The Miniature Exoplanet Radial Velocity Array (MINERVA) is a U.S.-based observational facility dedicated to the discovery and characterization of exoplanets around a nearby sample of bright stars. MINERVA employs a robotic array of four 0.7-m telescopes outfitted for both high-resolution spectroscopy and photometry, and is designed for completely autonomous operation. The primary science program is a dedicated radial velocity survey and the secondary science objective is to obtain high-precision transit light curves. The modular design of the facility and the flexibility of our hardware allows for both science programs to be pursued simultaneously, while the robotic control software provides a robust and efficient means to carry out nightly observations. We describe the design of MINERVA, including major hardware components, software, and science goals. The telescopes and photometry cameras are characterized at our test facility on the Caltech campus in Pasadena, California, and their on-sky performance is validated. The design and simulated performance of the spectrograph is briefly discussed as we await its completion. New observations from our test facility demonstrate sub-mmag photometric precision of one of our radial velocity survey targets, and we present new transit observations and fits of WASP-52b—a known hot-Jupiter with an inflated radius and misaligned orbit. The process of relocating the MINERVA hardware to its final destination at the Fred Lawrence Whipple Observatory in southern Arizona has begun, and science operations are expected to commence in 2015.
We present the science motivation, design, and on-sky test data of a high-throughput fiber coupling unit suitable for automated 1-meter class telescopes. The optical and mechanical design of the fiber coupling is detailed and we describe a flexible controller software designed specifically for this unit. The system performance is characterized with a set of numerical simulations, and we present on-sky results that validate the performance of the controller and the expected throughput of the fiber coupling. This unit was designed specifically for the MINERVA array, a robotic observatory consisting of multiple 0.7 m telescopes linked to a single high-resolution stabilized spectrograph for the purpose of exoplanet discovery using high-cadence radial velocimetry. However, this unit could easily be used for general astronomical purposes requiring fiber coupling or precise guiding.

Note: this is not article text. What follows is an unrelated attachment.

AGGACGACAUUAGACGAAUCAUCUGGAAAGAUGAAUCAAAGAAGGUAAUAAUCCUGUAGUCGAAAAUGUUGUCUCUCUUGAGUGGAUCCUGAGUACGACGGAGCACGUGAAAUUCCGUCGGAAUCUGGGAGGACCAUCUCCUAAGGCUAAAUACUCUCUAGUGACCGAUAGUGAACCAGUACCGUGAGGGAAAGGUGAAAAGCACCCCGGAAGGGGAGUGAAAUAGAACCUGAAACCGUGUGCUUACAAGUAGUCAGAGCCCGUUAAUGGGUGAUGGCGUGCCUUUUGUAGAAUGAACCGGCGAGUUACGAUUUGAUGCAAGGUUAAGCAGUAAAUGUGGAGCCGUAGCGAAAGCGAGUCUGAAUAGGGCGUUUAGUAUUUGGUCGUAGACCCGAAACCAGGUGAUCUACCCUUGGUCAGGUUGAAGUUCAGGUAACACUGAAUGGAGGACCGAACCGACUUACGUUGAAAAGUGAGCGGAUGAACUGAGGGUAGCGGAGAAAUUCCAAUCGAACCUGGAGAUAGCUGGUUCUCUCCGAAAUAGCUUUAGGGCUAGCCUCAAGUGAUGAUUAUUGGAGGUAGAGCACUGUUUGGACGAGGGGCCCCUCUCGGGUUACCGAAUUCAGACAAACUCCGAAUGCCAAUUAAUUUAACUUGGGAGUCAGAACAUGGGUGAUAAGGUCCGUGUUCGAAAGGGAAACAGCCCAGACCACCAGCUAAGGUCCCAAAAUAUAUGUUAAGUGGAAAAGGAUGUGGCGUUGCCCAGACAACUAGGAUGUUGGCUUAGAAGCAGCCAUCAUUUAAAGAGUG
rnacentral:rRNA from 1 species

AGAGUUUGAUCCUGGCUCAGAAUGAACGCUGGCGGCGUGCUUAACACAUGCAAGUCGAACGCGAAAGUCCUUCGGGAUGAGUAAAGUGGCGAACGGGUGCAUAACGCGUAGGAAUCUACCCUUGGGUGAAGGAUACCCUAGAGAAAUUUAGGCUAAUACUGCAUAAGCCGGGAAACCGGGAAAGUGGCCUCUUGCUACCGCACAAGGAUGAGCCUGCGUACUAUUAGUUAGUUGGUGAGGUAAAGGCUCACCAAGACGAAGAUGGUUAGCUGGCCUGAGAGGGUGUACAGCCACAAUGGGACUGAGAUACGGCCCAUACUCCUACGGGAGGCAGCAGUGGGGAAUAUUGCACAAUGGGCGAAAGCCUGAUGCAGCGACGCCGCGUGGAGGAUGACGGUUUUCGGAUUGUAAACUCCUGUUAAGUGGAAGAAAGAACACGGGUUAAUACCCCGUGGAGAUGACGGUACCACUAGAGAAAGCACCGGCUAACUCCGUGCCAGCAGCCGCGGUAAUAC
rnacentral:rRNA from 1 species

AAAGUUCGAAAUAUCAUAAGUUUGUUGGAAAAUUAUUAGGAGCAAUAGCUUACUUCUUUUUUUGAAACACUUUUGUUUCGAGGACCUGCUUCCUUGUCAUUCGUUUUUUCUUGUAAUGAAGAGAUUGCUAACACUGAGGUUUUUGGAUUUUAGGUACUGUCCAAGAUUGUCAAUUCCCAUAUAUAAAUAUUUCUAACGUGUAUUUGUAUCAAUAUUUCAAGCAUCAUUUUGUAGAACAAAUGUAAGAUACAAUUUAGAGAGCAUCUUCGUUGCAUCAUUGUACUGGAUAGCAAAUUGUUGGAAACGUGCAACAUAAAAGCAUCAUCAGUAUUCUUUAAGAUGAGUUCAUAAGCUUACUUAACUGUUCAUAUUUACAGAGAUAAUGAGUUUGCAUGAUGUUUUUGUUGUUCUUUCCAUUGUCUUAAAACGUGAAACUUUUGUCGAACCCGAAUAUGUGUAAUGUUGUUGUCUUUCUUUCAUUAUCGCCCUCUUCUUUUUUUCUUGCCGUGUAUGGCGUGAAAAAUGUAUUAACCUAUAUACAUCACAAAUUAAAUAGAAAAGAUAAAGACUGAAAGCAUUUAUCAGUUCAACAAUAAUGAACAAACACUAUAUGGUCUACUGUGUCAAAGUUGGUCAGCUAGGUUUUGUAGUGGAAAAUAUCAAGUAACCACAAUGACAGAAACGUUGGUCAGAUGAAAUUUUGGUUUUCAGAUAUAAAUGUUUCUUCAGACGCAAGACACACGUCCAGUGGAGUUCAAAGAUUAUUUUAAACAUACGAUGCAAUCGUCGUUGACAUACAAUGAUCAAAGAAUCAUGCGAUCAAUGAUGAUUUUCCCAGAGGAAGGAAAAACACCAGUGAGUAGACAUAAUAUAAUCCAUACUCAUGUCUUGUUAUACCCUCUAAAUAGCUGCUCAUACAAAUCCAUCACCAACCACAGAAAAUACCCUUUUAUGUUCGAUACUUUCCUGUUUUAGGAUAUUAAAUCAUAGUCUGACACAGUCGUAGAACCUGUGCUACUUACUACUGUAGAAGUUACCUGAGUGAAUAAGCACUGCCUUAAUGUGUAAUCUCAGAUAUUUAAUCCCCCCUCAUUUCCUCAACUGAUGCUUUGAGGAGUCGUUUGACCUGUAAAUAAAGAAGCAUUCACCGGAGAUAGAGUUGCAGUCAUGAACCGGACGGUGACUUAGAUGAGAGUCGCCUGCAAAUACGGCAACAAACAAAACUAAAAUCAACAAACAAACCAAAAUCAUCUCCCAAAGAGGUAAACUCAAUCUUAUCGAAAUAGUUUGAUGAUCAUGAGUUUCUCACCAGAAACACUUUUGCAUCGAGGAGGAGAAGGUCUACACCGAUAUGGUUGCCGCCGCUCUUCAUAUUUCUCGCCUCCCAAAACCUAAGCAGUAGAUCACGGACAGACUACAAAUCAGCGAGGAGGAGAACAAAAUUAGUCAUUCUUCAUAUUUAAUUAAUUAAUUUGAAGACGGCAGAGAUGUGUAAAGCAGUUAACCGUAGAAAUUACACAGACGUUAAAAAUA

The Zwicky Transient Facility (ZTF) is a synoptic optical survey for high-cadence time-domain astronomy. Building
upon the experience and infrastructure of the highly successful Palomar Transient Factory (PTF) team, ZTF will survey
more than an order of magnitude faster than PTF in sky area and volume in order to identify rare, rapidly varying optical
sources. These sources will include a trove of supernovae, exotic explosive transients, unusual stellar variables,
compact binaries, active galactic nuclei, and asteroids. The single-visit depth of 20.4 mag is well matched to
spectroscopic follow-up observations, while the co-added images will provide wide sky coverage 1.5 – 2 mag deeper
than SDSS. The ZTF survey will cover the entire Northern Sky and revisit fields on timescales of a few hours, providing
hundreds of visits per field each year, an unprecedented cadence, as required to detect fast transients and
variability. This high-cadence survey is enabled by an observing system based on a new camera having 47 deg2 field of
view – a factor of 6.5 greater than the existing PTF camera - equipped with fast readout electronics, a large, fast
exposure shutter, faster telescope and dome drives, and various measures to optimize delivered image quality. Our
project has already received an initial procurement of e2v wafer-scale CCDs and we are currently fabricating the camera
cryostat. International partners and the NSF committed funds in June 2014 so construction can proceed as planned to
commence engineering commissioning in 2016 and begin operations in 2017. Public release will allow broad utilization
of these data by the US astronomical community. ZTF will also promote the development of transient and variable
science methods in preparation for the seminal first light of LSST.